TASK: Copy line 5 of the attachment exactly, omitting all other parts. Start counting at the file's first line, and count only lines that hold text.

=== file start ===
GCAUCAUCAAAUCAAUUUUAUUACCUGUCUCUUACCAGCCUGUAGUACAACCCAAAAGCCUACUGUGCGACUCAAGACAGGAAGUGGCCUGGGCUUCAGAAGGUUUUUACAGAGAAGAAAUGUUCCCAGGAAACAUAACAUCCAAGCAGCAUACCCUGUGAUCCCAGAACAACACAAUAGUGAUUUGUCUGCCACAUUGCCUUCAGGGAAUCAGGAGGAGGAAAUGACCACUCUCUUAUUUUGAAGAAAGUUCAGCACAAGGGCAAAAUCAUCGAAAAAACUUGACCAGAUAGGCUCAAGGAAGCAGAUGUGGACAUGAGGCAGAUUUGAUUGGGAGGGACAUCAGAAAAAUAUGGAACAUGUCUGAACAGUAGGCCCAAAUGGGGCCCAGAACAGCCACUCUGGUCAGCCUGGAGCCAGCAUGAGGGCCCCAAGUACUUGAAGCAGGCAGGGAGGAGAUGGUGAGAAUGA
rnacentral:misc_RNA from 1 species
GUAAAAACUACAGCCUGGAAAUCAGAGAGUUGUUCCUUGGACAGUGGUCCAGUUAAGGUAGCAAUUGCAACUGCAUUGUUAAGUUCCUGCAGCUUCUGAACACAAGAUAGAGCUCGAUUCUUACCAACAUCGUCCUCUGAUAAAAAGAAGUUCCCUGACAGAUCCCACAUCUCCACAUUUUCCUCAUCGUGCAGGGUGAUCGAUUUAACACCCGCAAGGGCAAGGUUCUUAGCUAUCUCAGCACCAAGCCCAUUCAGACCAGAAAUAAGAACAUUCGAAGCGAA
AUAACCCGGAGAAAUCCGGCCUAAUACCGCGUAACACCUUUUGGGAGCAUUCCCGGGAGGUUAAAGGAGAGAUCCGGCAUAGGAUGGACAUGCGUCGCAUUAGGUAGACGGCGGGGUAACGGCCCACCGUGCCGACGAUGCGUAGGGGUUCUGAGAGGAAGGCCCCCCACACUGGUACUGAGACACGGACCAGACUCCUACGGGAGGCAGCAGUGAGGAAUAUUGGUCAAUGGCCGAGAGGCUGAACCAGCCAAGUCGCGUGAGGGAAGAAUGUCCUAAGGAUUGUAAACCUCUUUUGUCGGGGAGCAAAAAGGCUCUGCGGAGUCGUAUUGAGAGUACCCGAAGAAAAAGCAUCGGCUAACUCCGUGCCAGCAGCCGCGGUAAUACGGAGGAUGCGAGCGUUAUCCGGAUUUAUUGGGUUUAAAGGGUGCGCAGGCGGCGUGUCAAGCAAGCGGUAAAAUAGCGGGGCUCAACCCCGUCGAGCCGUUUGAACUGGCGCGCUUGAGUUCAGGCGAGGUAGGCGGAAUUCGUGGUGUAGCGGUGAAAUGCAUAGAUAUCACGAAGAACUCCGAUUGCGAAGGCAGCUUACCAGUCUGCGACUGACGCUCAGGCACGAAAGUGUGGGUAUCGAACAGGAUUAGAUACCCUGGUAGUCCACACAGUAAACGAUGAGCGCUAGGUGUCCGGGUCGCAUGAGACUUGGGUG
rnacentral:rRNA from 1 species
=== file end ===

rnacentral:rRNA from 1 species